higher education

Table of Contents

ePortfolios in Post-Secondary Education: An Alternate Approach to Assessment


Electronic portfolios (e-Portfolios) consist of set of digital objects capable of expressing ideas, information, arguments and documentation in graphic, text, audio and video formats, These can be tagged, searched, archived, syndicated and displayed in multiple formats. E-portfolios create the opportunity for peer, instructor or general public feedback and commentary and can be an effective tool for reflection on practice. Abrami and Barrett (2005) argue that e-Portfolios may even scaffold attempts at knowledge construction.

While an extensive body of research exists on the uses of e-portfolios (e.g., Abrami & Barrett, 2005; Abrami et al. 2008; Ayala, 2006; Brandes, 2008; Crichten & Kopp, 2008; Foti & Ring, 2008), the use of this technology in adult education and, especially, graduate-level education, has received comparably little attention (Butler, 2006). Moreover, the use of an e-portfolio for the final assessment activity of an online graduate program is a unique application of this technology.

This paper will discuss and illustrate how digital media can and have been used in the context of both a Masters in Education and professional development contexts to promote experiential learning, critical reflection (Pitts & Rugirello, 2012), transition from learning to practice (Cross, 2012), community cohesion (Ehiyazaryan_White, 2012) and lifelong learning in distance and open education (Batson, 2011). The mixed method on-going longitudinal study presented here reports on the usage of and reactions to the introduction of an e-portfolio as the culminating assessment activity in a Masters in Education program from 2008-2013. Results of a survey of student reactions, perceptions and recommendations will be presented, supplemented by analyses of student documents and recorded student discussions as well as interviews with faculty members.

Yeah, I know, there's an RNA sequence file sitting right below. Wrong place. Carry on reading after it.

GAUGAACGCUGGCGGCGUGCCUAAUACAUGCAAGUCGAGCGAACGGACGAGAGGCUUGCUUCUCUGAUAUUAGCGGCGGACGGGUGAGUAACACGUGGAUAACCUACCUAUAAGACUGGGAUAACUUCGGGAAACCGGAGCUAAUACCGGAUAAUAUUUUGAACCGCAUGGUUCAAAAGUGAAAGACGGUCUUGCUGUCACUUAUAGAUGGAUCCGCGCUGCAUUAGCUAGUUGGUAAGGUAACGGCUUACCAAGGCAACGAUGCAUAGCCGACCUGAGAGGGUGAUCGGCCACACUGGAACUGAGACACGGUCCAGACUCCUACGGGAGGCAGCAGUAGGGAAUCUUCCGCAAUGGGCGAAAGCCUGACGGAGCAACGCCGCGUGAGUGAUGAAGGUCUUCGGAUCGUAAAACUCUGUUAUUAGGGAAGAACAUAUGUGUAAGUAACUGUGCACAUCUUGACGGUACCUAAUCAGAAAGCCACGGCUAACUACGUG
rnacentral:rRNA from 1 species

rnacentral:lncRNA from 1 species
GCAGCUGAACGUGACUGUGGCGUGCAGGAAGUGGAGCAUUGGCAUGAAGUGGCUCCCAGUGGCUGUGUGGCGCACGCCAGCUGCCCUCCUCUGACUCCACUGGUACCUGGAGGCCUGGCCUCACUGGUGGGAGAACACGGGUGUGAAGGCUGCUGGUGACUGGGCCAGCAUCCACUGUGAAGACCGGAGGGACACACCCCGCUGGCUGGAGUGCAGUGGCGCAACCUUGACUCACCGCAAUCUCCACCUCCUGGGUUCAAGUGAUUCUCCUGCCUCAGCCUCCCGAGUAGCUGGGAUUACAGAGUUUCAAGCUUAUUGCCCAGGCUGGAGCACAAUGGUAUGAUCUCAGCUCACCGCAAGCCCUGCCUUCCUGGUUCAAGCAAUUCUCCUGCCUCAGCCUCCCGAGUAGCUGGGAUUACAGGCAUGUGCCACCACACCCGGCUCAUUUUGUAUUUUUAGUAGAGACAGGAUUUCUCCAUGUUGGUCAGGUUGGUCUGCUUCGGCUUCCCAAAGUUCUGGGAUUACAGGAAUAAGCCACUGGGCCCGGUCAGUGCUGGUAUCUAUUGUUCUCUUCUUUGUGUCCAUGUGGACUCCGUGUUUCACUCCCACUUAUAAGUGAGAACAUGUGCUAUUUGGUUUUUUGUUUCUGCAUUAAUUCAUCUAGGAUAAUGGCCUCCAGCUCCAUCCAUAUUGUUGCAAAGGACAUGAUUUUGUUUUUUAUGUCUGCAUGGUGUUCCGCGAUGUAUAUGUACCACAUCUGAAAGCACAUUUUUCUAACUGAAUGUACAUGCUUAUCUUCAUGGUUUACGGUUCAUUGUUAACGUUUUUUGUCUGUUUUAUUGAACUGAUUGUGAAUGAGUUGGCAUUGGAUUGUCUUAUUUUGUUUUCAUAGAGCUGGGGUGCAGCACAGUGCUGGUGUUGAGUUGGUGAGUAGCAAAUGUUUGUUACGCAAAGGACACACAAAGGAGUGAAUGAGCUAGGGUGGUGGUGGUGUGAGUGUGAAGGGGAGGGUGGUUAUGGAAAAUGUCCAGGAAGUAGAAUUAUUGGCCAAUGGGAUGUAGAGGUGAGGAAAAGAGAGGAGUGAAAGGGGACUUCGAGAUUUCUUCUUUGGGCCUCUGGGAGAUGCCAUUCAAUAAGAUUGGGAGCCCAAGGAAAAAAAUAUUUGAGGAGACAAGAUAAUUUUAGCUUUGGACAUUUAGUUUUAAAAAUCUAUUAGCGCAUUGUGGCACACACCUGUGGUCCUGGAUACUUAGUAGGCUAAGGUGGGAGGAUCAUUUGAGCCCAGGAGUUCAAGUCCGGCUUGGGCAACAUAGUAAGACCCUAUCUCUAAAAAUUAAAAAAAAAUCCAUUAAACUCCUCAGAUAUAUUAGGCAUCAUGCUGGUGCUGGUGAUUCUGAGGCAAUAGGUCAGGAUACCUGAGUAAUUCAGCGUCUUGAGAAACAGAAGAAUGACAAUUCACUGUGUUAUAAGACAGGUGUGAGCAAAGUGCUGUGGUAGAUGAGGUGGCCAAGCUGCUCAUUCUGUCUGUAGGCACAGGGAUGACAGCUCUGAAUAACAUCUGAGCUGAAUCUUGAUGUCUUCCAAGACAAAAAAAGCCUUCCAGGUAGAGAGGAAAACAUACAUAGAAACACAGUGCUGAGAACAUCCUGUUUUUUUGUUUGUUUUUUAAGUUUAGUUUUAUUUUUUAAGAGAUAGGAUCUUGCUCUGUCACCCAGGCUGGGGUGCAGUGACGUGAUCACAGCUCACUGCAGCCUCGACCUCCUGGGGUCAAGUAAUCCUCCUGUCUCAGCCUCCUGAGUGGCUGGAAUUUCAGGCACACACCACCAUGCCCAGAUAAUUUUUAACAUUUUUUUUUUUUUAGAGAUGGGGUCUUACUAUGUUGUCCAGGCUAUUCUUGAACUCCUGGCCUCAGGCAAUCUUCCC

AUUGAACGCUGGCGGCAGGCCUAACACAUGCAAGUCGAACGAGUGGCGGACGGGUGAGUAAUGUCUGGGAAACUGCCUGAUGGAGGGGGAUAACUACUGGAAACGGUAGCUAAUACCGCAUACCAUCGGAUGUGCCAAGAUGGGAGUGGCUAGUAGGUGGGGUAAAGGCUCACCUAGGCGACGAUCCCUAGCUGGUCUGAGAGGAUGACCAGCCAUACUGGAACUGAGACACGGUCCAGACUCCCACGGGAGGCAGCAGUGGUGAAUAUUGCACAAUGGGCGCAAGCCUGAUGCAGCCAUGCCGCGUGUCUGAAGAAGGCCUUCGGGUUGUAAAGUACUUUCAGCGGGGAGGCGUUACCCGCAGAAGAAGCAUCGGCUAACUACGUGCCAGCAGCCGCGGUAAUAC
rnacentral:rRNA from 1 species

The paper will conclude with guidelines and recommendations emerging from the study to date and a discussion of sometimes conflicting expectations and purposes of e-portfolios, assessment of e-portfolios, and the extension of e-portfolios into professional development in contexts outside of the university.

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Designing an Effective Mobile Learning Experience in a Marketing Research Course: Strategies and Applications


This article highlights the experience of using mobile devices to facilitate and enhance the learning experience of students. Students in a Marketing Research course used their mobile devices to complete a research assignment. Specifically, students used their cellphones, tablets, and laptops to create and deploy online surveys, to gather data, and to formalise results. The experience had a number of positive outcomes. In addition to capturing students’ attention, the use of mobile devices facilitated active learning, sustainability, and student engagement.